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J Photochem Photobiol B. 2002 Feb;66(1):21-9.

Flavonoid concentrations in three grass species and a sedge grown in the field and under controlled environment conditions in response to enhanced UV-B radiation.

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  • 1Department of Systems Ecology, Institute of Ecological Science, Faculty of Biology, Vrije Universiteit, De Boelelaan 1087, 1081 HV Amsterdam, The Netherlands.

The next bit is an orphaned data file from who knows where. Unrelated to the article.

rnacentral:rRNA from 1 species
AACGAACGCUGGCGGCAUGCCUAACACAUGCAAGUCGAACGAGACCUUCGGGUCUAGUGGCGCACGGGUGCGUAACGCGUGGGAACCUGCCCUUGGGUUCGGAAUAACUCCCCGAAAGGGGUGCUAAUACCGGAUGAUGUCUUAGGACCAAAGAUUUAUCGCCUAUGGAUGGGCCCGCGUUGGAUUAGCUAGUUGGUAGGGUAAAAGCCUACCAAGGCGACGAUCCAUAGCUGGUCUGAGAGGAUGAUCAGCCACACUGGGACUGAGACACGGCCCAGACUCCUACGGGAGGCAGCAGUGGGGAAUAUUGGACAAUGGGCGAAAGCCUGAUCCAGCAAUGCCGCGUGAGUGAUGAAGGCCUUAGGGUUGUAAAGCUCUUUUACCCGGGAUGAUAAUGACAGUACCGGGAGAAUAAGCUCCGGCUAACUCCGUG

An investigation was carried out to find whether enhanced levels of UV-B radiation induce increased concentrations of flavonoids in the leaves of the grass species Deschampsia antarctica, Deschampsia borealis and Calamagrostis epigeios and the sedge Carex arenaria. Whether the enhanced levels of UV-B influenced the proportions of the various flavonoids in the leaves was also studied. Increased flavonoid concentrations would improve the UV-B shielding of UV-B susceptible tissues. Using HPLC analysis the flavonoids orientin and luteolin were identified in D. antarctica, orientin in D. borealis and tricin in C. arenaria. Neither flavonoid concentrations nor the proportion of the various flavonoids in climate room grown D. antarctica and D. borealis plants differed between individuals grown under 0, ambient or elevated UV-B levels. After 12 weeks of growth biomass production and shoot-to-root ratios of D. antarctica were not affected by elevated UV-B radiation. Greenhouse grown C. epigeios plants contained higher concentrations and different proportions of flavonoids grown under elevated levels of UV-B than when grown under ambient or 0 UV-B. In C. epigeios plants grown in their natural habitat in the field under ambient or elevated levels of UV-B, flavonoid concentrations and proportions were the same in plants from both treatments. In the leaves of the sedge C. arenaria grown in a greenhouse flavonoid concentrations and proportions were not affected by UV-B radiation. Leaves were harvested four times during the growing season from C. arenaria plants grown in their natural habitat in the field under ambient or elevated levels of UV-B. Leaves harvested in January contained higher concentrations of flavonoids when grown under elevated UV-B than when grown under ambient UV-B radiation. In leaves harvested in May, September and December flavonoid concentrations were the same in plants grown under ambient or elevated UV-B. The proportion of the different flavonoids was the same for both treatments in all months. These results indicate that constitutive levels of flavonoids in these grass and sedge species are adequately high to protect them against ambient and elevated levels of solar UV-B radiation.

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